Military officers who deposed President Ali Bongo said they are not in a hurry to rush to conduct fresh elections that would “repeat past mistakes” as pressures continue to mount quick transfer of power to a civilian government.
The officers led by General Brice Oligui Nguema toppled the civilian administration in the central African country, just minutes after Bongo was declared the winner of a third term in an election.
Bongo has since been placed under house arrest and installed Nguema as head of state, ending the Bongo family’s 56-year hold on power.
In a televised address on Friday evening, Nguema said the junta would proceed quickly to hand over power but that it would avoid elections that “repeat the same mistakes” by keeping the same people in power.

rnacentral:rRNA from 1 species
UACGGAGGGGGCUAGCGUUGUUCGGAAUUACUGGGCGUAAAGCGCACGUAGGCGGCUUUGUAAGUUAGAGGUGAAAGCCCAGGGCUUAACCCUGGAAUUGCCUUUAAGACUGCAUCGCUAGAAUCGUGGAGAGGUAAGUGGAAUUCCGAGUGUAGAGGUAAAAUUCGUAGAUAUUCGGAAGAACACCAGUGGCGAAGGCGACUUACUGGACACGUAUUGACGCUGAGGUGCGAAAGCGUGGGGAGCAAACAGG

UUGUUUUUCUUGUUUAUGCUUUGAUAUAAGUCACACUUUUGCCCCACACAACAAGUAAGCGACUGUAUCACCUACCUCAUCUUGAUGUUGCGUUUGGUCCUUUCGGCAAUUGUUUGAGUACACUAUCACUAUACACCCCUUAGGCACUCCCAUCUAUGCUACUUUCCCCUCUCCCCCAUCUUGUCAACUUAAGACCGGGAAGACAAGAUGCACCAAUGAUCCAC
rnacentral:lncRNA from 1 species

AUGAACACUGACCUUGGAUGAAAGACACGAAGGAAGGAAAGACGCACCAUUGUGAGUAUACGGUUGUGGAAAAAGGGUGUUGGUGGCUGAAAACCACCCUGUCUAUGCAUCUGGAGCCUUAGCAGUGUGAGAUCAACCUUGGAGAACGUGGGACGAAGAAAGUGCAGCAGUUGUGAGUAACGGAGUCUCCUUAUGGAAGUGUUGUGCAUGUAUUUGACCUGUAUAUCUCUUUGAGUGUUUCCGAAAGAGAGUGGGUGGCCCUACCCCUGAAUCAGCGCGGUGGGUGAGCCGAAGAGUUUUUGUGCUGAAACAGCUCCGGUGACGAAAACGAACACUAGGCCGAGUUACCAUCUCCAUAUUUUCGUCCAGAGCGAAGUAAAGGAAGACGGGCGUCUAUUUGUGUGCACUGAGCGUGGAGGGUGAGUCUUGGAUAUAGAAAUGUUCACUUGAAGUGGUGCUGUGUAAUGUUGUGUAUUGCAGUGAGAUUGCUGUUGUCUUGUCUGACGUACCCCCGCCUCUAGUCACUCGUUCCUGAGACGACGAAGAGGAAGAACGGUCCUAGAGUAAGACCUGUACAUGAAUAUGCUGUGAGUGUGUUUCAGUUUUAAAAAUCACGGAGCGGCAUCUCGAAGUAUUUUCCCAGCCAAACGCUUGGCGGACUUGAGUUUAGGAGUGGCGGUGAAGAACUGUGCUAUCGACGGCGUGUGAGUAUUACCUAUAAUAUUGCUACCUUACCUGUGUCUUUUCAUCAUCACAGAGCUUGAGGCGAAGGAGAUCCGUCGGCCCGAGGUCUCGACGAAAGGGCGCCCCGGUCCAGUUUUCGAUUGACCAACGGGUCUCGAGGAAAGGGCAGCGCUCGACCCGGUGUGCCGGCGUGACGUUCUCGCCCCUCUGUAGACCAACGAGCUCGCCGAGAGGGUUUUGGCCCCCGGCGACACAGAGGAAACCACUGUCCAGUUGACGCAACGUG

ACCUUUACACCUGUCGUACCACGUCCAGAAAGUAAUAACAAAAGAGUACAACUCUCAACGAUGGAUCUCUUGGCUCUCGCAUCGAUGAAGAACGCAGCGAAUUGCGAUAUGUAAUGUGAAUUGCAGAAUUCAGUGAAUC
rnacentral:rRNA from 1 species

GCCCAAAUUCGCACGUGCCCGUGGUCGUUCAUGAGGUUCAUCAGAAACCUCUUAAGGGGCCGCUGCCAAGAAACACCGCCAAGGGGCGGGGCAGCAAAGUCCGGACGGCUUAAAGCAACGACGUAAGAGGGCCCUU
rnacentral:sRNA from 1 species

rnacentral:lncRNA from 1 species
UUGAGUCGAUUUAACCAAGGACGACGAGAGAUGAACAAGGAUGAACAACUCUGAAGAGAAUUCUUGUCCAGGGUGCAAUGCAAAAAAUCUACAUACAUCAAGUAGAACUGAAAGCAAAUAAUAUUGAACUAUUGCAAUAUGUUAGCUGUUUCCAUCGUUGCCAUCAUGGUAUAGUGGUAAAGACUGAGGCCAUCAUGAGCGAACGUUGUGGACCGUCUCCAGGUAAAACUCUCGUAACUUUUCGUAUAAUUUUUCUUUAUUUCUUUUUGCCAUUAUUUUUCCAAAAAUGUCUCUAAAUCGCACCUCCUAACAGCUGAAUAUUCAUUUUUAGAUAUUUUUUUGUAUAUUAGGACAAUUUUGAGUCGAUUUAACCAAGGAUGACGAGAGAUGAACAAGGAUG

“Going as quickly as possible does not mean organising ad hoc elections, where we will end up with the same errors,” he said.
Gabon’s main opposition group, Alternance 2023, urged the international community on Friday to press the junta to hand over control to civilians while also claiming to have won the Presidential election.
Since 2020, there have been coups in Guinea, Chad, and Niger, as well as two each in Mali and Burkina Faso.
On Friday, the White House stated that it was interested in “viable diplomatic solutions” to the problems in Gabon and Niger, where a coup deposed President Mohamed Bazoum on July 26.
The takeover has been denounced by France, Gabon’s previous colonial master, and other Western powers.